With no shot at LeBron, Timberwolves still want to be aggressive in free agencyBy Jon Krawczynski, AP
Wednesday, June 30, 2010
Timberwolves ready to spend in free agency
MINNEAPOLIS — If any team in the NBA needs LeBron James, it’s the Minnesota Timberwolves.
Fans of one of the league’s woebegone franchises have suffered in the frozen north country through rebuilding project after rebuilding project following the only truly successful season in the club’s history — the run to the Western Conference finals in 2004.
The Wolves haven’t been back to the playoffs since then, tied a team record for futility with only 15 wins last year and desperately need a king-sized star to help them on the court and at the box office. One reporter last week even floated the idea of trading for Nuggets star Carmelo Anthony in a move to get James’ attention.
“Sugar plumbs and fairy tales,” Timberwolves president David Kahn replied.
By all accounts, there will be no miracle in Minnesota this summer, no ace up Kahn’s sleeve that will lure one of the biggest names on the free agent market who could single-handedly energize what has been a lifeless organization.
But the Wolves do have plenty of money to spend — about $20 million — and planned to be aggressive with it after the market opened at 11:01 p.m. Central time on Wednesday night.
The odds will be stacked against them in a competition against teams in far bigger markets with far more salary cap room. The Bulls, Nets, Knicks and Heat have shed salaries with abandon, virtually giving players away to make a run at the most talented crop of free agents in league history.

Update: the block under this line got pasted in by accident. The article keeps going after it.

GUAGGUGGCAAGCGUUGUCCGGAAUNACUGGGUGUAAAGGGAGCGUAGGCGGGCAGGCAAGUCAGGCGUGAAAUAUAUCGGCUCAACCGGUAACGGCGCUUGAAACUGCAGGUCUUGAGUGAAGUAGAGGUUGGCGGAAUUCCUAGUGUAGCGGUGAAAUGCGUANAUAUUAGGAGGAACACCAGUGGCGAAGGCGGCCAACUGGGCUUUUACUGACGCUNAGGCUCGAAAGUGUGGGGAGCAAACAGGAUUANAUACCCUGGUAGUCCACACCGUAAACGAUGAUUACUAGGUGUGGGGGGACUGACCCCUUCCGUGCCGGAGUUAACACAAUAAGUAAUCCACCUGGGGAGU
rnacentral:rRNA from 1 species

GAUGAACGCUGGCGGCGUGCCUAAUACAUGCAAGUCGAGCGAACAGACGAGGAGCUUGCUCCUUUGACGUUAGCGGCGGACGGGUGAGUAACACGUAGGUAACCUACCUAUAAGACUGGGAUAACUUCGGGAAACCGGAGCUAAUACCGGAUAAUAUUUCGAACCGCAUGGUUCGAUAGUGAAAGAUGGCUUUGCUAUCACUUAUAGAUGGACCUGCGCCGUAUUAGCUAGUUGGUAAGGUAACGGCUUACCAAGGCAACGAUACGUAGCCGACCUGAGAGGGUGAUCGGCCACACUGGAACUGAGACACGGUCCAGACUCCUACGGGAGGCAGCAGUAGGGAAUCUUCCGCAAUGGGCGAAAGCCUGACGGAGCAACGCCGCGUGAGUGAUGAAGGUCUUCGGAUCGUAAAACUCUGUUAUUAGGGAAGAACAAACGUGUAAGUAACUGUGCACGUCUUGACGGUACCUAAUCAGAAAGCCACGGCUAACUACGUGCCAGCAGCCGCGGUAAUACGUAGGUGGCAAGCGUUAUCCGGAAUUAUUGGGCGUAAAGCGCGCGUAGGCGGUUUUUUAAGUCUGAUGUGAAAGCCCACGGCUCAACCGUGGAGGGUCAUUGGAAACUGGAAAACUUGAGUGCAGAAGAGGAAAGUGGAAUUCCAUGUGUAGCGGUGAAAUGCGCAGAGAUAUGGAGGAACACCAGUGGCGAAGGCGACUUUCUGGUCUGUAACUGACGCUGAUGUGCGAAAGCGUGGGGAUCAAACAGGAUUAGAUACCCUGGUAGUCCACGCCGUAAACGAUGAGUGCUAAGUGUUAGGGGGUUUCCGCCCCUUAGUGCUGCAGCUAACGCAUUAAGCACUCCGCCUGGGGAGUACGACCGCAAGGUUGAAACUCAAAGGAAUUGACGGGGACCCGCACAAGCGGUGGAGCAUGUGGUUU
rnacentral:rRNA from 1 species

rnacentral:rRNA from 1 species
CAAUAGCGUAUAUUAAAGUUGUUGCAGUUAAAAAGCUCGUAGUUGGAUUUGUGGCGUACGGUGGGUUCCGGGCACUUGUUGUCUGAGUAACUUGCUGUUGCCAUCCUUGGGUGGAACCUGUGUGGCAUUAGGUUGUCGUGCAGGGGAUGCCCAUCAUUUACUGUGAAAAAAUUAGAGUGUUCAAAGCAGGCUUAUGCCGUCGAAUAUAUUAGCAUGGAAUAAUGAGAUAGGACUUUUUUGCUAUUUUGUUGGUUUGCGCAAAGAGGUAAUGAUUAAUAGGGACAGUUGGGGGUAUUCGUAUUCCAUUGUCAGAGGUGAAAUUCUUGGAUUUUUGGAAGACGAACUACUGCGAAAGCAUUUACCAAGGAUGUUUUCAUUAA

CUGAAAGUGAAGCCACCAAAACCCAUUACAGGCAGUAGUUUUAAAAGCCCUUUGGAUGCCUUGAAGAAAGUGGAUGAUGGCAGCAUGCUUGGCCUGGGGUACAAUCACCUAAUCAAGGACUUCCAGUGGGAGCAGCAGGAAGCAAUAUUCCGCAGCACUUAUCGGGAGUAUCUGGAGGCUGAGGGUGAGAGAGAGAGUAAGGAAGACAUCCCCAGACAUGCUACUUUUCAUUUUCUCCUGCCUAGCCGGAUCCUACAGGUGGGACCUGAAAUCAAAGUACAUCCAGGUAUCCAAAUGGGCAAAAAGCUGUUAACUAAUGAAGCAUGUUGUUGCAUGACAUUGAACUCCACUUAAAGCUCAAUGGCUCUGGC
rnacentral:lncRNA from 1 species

“I’ve never seen anything like it,” Kahn said. “I think it’s going to be crazy and we need to jump into the craziness. So the last thing we’re going to do is lay back. That doesn’t mean we’ll do something impulsively or overreact, but we’ll be very active.”
While Chicago, New Jersey, New York and Miami will begin their free-agent agenda by giving sales pitches to James, Dwyane Wade and Chris Bosh, the Timberwolves will start with center Darko Milicic.
The former second overall draft pick — selected ahead of Anthony, Bosh and Wade — languished for seven seasons with four teams, and was intent on returning to Europe after the season before coming to Minnesota in at the trade deadline in February.
Given his first extensive playing time in years, Milicic averaged 8.3 points, 5.5 rebounds and 1.4 blocks in 24 games with the Wolves. Coach Kurt Rambis was impressed with Milicic’s versatility and presence on the defensive end, and thinks he will be the perfect fit for the up-tempo style he is trying to employ.
“Darko, we think, could be our starting center this year and we’d like to have him back,” Kahn said.
Milicic’s agent, Marc Cornstein, said Wednesday that his client is definitely open to returning to Minnesota.
“I know he really enjoyed his time in Minnesota and would be happy to come back if everything worked out,” Cornstein said.
If Milicic does re-sign, it could mark the end of Al Jefferson’s time in Minnesota. The main cog in the seven-for-one deal that sent Kevin Garnett to Boston in 2008, Jefferson averaged 17.1 points and 9.3 rebounds last season in his first year back from major knee surgery.
Despite being one of the best low-post players in the game, the Wolves may look for a more athletic power forward who can run the fast break.
“We will explore trading Al, but we will not trade Al unless it’s the right deal for us,” Kahn said. “Al Jefferson could not only be on this team next season, he could be on this team the next three seasons. I’ve met with Al and I’ve discussed this.”
The Timberwolves are also considering bringing center Nikola Pekovic, their 2008 second-round pick, over from Greece and could also target Memphis forward Rudy Gay, among others.
Kahn said thinks it is important to get potential free agents to the Twin Cities to see firsthand what it would be like to play, and live, here.
“I think that one of the things we’re selling is stability,” said Kahn, referring to the Wolves having an owner in Glen Taylor, a front office staff and a coach who plan to be in place for some time. “I think we can do a better job of presenting that here as opposed to a third-party cities.
“We have a decent little story to tell, and it’s one that’s building as opposed to one that’s already there.”
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